Does the intermixture of various ingredients in the formation of soupy populations matter as more than a gee-whiz story? To some people, the answer is very much yes. The conservationists who are committing significant resources to the preservation of the red wolf don’t want to see the wolves that they reintroduce interbreed with coyotes. If the reintroduced wolf population blends into a coyote population, then are these resources actually being spent just to support a bunch of coyotes (who have been doing fine on their own)? At the same time, evidence shows that the founder population of 19 red wolves was already significantly coyotified, and we’re not sure how long it’s been since there have been any pure Canis rufus specimens in North America.
It is, of course, possible to think about the problem without asking for genetics to provide the complete answer for us. The red wolf is a red wolf, a beautiful, iconic animal that has lived in the southeastern United States throughout living memory. We know what the red wolf looks like (and that hasn’t been changing much, no matter what is happening to his genes). We also know that he is important in a particular environmental niche, and that hasn’t been changing much either.
Practically, the mixture of coyote genes into fragile wolf populations may be a good thing. Because coyotes are better at living on smaller ranges and in closer proximity to humans than wolves are, they are better adapted to the realities of North America today. As their genes mix into wolf populations, these populations become demonstrably more robust, more able to tolerate human presence, and able to survive on smaller ranges. It is possible, in fact, that coyote genes are exactly what are eventually going to allow a red wolf population to flourish without human assistance.
Conclusions, if we can make any
Does it matter that some of what we think of as wolves have coyote genes? I think the answer comes down to a cultural perception of the wolf as a romantic and charismatic creature, and of the coyote as a pest. Perhaps any mixture of the two is perceived as diminishing the wolf. A friend of mine once made this analogy: if you have an entire bottle of fine wine, and you pour just a teaspoon of sewage into it, now you have a bottle of sewage. Does any amount of coyote, no matter how miniscule, make the wolf impure, and less worth conserving than it was?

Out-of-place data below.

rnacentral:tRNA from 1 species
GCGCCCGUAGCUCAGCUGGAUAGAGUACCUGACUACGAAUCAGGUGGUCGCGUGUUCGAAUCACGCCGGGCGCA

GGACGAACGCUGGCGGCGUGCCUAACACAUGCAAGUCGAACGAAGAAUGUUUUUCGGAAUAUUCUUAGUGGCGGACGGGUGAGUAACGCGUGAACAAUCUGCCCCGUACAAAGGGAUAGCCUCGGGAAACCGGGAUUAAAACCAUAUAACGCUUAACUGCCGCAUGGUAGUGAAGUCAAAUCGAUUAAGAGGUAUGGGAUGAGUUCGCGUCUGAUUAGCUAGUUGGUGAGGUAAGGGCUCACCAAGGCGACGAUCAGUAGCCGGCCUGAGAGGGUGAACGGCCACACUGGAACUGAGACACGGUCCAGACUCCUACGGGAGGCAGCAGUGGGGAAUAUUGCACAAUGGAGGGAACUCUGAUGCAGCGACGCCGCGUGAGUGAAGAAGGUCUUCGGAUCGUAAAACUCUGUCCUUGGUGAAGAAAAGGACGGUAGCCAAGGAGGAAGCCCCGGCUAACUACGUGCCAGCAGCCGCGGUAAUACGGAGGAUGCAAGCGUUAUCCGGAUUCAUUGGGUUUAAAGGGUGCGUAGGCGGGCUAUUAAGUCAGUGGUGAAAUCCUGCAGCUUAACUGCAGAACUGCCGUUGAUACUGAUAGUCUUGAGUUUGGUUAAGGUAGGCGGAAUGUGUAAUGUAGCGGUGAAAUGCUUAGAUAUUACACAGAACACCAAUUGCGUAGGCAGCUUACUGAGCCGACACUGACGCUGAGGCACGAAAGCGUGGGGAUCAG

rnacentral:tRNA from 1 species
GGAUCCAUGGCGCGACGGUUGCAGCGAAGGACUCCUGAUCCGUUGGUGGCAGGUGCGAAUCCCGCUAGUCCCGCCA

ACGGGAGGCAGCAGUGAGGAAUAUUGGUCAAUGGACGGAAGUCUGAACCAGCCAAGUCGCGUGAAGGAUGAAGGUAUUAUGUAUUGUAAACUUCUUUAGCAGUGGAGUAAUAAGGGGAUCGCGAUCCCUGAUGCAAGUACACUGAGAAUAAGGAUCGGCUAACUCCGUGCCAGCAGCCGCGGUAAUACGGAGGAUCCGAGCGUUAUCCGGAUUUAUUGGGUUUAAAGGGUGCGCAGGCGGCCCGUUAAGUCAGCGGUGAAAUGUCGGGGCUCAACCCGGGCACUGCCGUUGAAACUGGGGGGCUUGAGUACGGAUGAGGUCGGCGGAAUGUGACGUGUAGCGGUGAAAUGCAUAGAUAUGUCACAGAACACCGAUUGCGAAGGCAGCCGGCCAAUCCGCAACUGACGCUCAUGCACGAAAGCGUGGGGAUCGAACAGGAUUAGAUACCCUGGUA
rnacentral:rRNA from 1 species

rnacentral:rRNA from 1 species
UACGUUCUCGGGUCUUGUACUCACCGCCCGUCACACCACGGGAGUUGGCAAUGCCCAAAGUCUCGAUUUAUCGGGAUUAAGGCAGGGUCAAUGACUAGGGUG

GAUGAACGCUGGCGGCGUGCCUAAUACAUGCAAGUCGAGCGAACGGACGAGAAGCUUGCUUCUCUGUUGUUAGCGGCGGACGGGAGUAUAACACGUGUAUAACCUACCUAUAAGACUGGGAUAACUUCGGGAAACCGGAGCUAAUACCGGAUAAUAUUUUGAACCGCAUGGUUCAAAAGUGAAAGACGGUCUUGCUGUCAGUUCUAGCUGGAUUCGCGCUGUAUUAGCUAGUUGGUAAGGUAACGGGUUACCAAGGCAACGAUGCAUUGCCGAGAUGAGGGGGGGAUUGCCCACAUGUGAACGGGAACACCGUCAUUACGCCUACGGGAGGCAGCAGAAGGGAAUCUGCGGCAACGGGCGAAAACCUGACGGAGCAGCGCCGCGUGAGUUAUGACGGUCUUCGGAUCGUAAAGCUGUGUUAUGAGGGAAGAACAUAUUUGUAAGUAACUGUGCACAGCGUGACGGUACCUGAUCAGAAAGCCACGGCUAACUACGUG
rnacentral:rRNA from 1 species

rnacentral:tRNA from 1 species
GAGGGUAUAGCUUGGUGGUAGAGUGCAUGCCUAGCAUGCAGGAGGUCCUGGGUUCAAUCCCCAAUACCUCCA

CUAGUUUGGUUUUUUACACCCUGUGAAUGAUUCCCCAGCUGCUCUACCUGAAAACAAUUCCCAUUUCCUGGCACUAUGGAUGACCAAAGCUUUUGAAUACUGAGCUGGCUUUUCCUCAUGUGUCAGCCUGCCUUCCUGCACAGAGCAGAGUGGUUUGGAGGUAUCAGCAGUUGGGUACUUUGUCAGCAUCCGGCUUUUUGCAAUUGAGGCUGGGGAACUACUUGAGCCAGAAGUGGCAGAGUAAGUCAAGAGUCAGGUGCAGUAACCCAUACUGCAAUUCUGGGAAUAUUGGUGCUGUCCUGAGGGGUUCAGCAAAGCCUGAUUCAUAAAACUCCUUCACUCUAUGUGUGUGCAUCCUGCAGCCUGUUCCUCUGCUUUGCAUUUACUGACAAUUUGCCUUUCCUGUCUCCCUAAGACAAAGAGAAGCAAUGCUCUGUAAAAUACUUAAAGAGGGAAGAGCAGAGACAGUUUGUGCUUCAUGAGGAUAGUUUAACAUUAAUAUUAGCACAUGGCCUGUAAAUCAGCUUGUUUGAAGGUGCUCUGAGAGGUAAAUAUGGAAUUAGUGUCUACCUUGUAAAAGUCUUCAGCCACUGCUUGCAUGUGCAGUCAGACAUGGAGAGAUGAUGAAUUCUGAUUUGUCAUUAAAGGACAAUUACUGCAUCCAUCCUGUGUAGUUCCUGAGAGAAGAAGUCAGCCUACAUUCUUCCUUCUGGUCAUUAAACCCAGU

As a culture, I hope we can come to appreciate the strengths that the coyote brings to Canis soup, in his ability to coexist with humans in the modern world. He may be what saves populations of charismatic wolves from permanent loss. As we look at populations of canines in North America, we should learn to say that one is more coyote-like and another more wolf-like, on a spectrum from one flavor of soup to another, and appreciate the benefits of both.
Canis soup has been used before as an example of the blurriness of some species lines and the inadequacy of many existing definitions of a species, but it also provides some interesting insights into the fluidity of canid morphology and behavioral characteristics. How did something as large and wild as a wolf become something as variably-sized and tame as a dog? Moreover, how did this change happen (presumably) without a carefully planned breeding program? Why is it so easy to breed types of dogs with such different behavioral and physical characteristics, especially compared to the much more limited variety of breeds of cat, horse, or cow? The canine genome clearly has the capacity for expression across a startlingly wide array of phenotypes. The evidence of this variety has always been right before our eyes, but we are just beginning to understand its implications.
Adams, J., Leonard, J., & Waits, L. (2003). Widespread occurrence of a domestic dog mitochondrial DNA haplotype in southeastern US coyotes Molecular Ecology, 12 (2), 541-546 DOI: 10.1046/j.1365-294X.2003.01708.x
Adams, J., Kelly, B., & Waits, L. (2003). Using faecal DNA sampling and GIS to monitor hybridization between red wolves (Canis rufus) and coyotes (Canis latrans) Molecular Ecology, 12 (8), 2175-2186 DOI: 10.1046/j.1365-294X.2003.01895.x
Hailer, F., & Leonard, J. (2008). Hybridization among Three Native North American Canis Species in a Region of Natural Sympatry PLoS ONE, 3 (10) DOI: 10.1371/journal.pone.0003333
vonHoldt, B., Pollinger, J., Earl, D., Knowles, J., Boyko, A., Parker, H., Geffen, E., Pilot, M., Jedrzejewski, W., Jedrzejewska, B., Sidorovich, V., Greco, C., Randi, E., Musiani, M., Kays, R., Bustamante, C., Ostrander, E., Novembre, J., & Wayne, R. (2011). A genome-wide perspective on the evolutionary history of enigmatic wolf-like canids Genome Research, 21 (8), 1294-1305 DOI: 10.1101/gr.116301.110
Way, J., Rutledge, L., Wheeldon, T., & White, B. (2010). Genetic Characterization of Eastern “Coyotes” in Eastern Massachusetts Northeastern Naturalist, 17 (2), 189-204 DOI: 10.1656/045.017.0202
Wilson, P., Grewal, S., Mallory, F., & White, B. (2009). Genetic Characterization of Hybrid Wolves across Ontario Journal of Heredity, 100 (Supplement 1) DOI: 10.1093/jhered/esp034